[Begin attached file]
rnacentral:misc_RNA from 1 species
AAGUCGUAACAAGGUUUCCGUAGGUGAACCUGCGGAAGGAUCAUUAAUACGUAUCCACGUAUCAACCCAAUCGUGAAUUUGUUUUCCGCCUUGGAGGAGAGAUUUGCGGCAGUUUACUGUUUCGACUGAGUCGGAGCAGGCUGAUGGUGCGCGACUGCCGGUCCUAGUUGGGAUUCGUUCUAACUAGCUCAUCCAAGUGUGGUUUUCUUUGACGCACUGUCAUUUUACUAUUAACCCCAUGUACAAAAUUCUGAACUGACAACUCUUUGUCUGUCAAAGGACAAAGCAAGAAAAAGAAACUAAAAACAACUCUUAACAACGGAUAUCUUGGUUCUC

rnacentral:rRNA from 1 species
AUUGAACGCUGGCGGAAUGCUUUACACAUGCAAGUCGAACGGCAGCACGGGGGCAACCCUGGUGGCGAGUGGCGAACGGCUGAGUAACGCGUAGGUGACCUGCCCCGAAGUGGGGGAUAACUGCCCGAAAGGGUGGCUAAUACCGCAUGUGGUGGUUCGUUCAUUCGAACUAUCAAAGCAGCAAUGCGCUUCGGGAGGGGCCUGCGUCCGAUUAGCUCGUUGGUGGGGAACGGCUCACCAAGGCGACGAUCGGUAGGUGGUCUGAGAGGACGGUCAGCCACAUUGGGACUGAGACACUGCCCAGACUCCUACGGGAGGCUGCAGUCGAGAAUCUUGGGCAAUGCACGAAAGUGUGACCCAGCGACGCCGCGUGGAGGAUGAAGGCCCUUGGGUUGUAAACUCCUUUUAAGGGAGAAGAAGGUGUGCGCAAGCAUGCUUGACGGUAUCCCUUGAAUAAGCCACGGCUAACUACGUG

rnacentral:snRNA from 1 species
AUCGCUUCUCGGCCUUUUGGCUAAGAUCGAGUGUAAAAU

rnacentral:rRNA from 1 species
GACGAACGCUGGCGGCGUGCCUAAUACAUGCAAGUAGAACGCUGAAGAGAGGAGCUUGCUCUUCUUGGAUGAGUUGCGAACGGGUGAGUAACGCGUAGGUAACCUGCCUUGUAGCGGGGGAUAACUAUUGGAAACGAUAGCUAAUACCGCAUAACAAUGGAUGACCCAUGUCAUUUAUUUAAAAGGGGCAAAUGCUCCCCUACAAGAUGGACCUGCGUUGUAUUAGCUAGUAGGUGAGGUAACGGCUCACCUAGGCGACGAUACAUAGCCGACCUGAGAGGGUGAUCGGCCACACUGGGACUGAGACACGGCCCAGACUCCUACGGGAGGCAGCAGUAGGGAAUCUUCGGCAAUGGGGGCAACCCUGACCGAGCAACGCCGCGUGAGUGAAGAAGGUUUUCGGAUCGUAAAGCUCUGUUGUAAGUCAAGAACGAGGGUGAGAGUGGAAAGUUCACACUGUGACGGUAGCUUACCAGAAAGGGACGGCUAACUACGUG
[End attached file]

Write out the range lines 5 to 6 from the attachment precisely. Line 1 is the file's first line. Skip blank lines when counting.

rnacentral:snRNA from 1 species
AUCGCUUCUCGGCCUUUUGGCUAAGAUCGAGUGUAAAAU